Hurricane Amanda was the strongest storm ever in the Pacific in the month of May. While it’s heading away from land, it could still cause a hassle for beachgoers in Mexico.
The system grew from a tropical storm late last week into the first named hurricane of the 2014 season. On Sunday it reached a peak of 155 mph winds, making it the most powerful storm to sweep through the Pacific in May since record-keeping began in the mid 1960s.
By Monday, Hurricane Amanda had weakened to about 120 mph and was continuing to move away from Mexico. The storm was centered about 670 miles south of the southern tip of Mexico’s Baja California peninsula, though it was close enough to cause some havoc on Mexican beaches.
Mexico’s National Meteorlogical Service predicted that storms associated with Hurricane Amanda were expected to drench western and central portions of the country. Mexican authorities warned people who live near the coast to prepare for possible flooding and mudslides.
The hurricane itself should continue to weaken, the Weather Channel noted, and the storm itself would actually cause the deceleration. Meteorologists noted that the storm would be stirring up waters beneath it, allowing cooler water to come to the surface that would weaken the storm. They also predicted that “increasing vertical wind shear and dry air will start to disrupt its circulation.”
Forecasters are hoping that the sudden strength of Hurricane Amanda won’t be a sign of things to come. The Pacific hurricane season generally poses no dangers to land, as the hurricanes move away from the Californian and Mexican coasts, but experts believe the 2014 Atlantic hurricane season will be quite active.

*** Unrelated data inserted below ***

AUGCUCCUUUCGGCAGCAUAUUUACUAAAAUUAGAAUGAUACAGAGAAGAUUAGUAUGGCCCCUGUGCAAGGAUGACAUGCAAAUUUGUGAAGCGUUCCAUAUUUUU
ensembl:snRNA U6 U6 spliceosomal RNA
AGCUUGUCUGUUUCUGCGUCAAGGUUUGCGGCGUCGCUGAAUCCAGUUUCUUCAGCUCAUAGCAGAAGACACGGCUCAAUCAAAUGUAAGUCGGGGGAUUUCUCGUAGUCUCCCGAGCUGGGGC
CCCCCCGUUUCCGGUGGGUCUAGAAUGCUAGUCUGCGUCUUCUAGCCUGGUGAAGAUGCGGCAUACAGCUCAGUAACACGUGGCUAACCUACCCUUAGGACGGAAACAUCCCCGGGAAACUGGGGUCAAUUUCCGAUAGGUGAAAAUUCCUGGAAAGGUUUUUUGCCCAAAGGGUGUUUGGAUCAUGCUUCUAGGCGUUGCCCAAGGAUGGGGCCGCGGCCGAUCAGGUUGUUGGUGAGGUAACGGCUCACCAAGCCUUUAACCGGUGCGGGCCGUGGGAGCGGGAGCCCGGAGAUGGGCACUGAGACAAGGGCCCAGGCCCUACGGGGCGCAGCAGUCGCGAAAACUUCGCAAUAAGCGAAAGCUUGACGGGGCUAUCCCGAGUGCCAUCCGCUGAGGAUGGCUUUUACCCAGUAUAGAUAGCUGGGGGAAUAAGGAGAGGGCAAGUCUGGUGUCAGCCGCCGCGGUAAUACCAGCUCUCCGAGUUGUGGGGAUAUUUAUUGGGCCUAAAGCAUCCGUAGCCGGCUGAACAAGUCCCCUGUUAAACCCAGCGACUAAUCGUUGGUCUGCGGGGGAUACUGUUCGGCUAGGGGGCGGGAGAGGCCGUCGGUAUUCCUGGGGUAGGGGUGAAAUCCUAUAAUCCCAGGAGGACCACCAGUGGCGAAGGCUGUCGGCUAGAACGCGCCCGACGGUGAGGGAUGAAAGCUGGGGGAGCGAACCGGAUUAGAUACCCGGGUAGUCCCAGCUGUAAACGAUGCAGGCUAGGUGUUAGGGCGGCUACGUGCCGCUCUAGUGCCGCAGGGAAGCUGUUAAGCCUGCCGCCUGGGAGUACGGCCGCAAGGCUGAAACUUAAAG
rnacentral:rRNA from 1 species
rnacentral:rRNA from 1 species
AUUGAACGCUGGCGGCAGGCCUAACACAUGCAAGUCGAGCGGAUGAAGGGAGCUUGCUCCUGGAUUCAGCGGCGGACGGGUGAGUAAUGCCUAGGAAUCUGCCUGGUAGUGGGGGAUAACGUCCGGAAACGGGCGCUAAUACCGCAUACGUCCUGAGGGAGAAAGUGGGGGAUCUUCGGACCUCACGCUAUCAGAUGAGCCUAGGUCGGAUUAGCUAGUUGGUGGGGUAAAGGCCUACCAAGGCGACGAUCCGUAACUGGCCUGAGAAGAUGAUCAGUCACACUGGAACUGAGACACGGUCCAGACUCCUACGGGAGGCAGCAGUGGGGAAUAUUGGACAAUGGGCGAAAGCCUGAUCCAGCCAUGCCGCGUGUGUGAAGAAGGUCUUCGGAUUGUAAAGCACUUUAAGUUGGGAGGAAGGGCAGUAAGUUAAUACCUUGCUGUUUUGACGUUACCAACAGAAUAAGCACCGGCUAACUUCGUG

Forecasters from the NOAA are predicting between eight and 13 named tropical storms. The NOAA believes between three and six of these storms will turn into hurricanes, with one or two having the potential to grow to dangerous sizes of category 3 or greater. In all, there was a “a 50 percent chance of a below-normal season, a 40 percent chance of a near-normal season, and only a 10 percent chance of an above-normal season.”
But forecasters said that might be all it takes to bring a destructive storm to the Atlantic.
“Even though we expect El Niño to suppress the number of storms this season, it’s important to remember it takes only one land falling storm to cause a disaster,” noted Kathryn Sullivan, Ph.D., NOAA administrator.
Hurricane Amanda is expected to continue to weaken as it moves further out to sea.